The GAO report and the FASB’s reaction to it were simply wrong. As Chairman of the FDIC during the S&L debacle, I know that historical cost accounting did not mask or prolong the S&L problems. Resolution of the S&L problems was delayed by the substitution of “regulatory accounting principles (RAP)” for “generally accepted accounting principles (GAAP).”
The former Federal Home Loan Bank Board’s official policy, supported by the Reagan Administration and Congress, was to allow the S&L industry time to grow out of its problems by adding new higher yielding assets. This policy required overriding GAAP accounting.
The FDIC coped with problems of the same type and magnitude in the FDIC-insured savings bank industry. The FDIC rejected calls to implement RAP and allow savings banks to pursue rapid growth. This is a major reason why the savings bank problems cost the FDIC only $2 billion vs. nearly $150 billion of taxpayer losses in the S&Ls.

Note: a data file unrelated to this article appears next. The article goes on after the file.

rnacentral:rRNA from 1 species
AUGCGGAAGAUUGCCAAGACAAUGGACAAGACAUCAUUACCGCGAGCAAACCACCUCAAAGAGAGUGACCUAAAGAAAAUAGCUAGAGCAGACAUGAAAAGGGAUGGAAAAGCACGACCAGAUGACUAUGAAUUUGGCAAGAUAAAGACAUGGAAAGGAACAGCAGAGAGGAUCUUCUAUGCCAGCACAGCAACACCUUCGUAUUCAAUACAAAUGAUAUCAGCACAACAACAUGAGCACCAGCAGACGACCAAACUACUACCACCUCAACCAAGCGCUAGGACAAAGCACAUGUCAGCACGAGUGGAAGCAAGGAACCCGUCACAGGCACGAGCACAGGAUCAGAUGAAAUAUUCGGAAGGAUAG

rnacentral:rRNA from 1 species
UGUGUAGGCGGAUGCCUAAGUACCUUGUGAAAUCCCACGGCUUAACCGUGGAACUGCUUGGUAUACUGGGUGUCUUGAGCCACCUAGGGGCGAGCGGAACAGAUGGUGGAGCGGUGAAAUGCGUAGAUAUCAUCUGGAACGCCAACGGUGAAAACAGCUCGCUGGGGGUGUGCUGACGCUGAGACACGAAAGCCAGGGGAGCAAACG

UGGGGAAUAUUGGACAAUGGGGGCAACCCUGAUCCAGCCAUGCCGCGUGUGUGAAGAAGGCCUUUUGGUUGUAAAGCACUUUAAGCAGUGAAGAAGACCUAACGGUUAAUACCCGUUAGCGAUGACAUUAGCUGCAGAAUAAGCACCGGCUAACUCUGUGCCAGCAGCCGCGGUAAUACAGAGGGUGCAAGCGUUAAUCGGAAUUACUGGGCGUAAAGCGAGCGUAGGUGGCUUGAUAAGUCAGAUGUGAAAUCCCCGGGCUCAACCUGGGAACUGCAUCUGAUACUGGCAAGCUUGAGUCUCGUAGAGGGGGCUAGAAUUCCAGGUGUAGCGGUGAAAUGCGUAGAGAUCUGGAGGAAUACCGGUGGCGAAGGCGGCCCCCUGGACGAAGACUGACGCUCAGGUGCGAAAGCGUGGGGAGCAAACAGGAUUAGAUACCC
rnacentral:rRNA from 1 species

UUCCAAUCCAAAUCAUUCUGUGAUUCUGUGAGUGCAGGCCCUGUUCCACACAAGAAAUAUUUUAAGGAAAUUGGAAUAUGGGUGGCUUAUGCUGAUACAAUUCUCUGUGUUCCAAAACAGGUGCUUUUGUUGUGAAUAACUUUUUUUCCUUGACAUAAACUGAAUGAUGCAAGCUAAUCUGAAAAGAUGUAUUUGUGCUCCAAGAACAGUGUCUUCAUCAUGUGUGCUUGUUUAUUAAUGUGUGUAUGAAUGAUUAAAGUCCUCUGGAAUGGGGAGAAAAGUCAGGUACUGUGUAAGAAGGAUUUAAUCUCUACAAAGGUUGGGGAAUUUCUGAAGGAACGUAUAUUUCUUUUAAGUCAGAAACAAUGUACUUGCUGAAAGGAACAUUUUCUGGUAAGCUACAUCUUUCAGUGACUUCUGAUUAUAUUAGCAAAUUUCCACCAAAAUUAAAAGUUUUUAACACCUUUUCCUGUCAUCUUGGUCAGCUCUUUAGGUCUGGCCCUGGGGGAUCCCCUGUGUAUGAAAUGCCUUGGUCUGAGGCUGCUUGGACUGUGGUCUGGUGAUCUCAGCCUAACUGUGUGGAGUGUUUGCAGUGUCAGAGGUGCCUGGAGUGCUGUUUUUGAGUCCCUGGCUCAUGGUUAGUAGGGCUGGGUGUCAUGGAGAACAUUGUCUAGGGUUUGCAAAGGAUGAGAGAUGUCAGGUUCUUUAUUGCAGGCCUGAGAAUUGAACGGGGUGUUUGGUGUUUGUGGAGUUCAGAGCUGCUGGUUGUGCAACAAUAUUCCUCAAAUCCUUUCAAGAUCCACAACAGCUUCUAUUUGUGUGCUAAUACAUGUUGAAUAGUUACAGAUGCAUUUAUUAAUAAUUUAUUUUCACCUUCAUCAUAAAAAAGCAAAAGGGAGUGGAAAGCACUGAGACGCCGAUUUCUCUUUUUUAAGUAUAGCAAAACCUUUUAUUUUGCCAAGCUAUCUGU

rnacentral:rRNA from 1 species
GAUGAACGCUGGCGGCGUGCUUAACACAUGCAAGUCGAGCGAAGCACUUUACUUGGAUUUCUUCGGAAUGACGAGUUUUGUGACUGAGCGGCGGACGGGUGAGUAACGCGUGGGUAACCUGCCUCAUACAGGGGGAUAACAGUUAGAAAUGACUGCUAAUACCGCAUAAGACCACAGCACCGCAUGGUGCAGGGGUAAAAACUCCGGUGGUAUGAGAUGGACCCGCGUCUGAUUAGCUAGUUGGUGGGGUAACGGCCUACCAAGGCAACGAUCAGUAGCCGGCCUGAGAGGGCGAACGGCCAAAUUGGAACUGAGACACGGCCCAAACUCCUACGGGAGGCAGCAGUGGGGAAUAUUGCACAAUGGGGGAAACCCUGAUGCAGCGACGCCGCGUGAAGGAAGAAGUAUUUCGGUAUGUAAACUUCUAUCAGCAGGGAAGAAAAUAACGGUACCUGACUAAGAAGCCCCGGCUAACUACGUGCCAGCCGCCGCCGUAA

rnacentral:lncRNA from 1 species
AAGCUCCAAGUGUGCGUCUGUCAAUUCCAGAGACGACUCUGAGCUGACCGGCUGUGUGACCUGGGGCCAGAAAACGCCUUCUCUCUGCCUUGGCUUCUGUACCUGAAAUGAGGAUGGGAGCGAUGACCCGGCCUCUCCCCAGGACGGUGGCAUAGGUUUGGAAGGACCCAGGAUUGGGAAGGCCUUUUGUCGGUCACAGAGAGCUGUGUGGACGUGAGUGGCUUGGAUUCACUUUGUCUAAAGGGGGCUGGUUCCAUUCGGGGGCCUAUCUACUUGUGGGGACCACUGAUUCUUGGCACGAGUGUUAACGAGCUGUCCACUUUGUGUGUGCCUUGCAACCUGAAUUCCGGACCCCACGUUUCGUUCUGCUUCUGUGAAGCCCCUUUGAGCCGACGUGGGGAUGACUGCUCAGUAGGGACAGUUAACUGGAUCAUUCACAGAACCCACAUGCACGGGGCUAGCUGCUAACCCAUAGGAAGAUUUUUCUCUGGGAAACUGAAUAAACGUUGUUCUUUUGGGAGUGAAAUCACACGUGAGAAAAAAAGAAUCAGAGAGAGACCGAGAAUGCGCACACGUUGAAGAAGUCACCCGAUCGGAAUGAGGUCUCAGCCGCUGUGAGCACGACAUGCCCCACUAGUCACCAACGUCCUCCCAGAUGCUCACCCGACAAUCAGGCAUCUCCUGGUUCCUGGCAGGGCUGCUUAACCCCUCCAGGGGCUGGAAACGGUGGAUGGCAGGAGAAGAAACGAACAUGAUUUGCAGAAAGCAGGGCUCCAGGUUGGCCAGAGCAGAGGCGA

Overriding GAAP accounting, sanctioning rapid growth by poorly capitalized and managed S&Ls, and failing to properly supervise S&Ls were villains in the S&L crisis, not historical cost accounting.
The FASB’s ignorance of this simple truth is evidenced by the major recommendation in Herz’ speech in which he urges that bank regulation be “decoupled from U.S. GAAP reporting requirements.” Herz would have us return to the separation between RAP and GAAP that cost taxpayers $150 billion in the S&L debacle!
It is highly inappropriate for the FASB – five anonymous accountants selected by trade groups – to take it upon itself to determine what caused the S&L crisis and endeavor to correct it through accounting policy. In its effort to “fix” an accounting system that was not broken, the FASB wreaked havoc on the banking industry and the economy, costing millions of people their jobs, homes and life savings and costing taxpayers hundreds of billions of dollars to help repair the devastation.
The FASB’s blunders cry out for establishing formal government review of the potential systemic effects of accounting policies. Financial reform legislation that fails to address this critical issue invites the next crisis.
Bill Isaac is chairman of LECG Global Financial Services.
He headed the Federal Deposit Insurance Corporation during the banking crisis of the 1980s.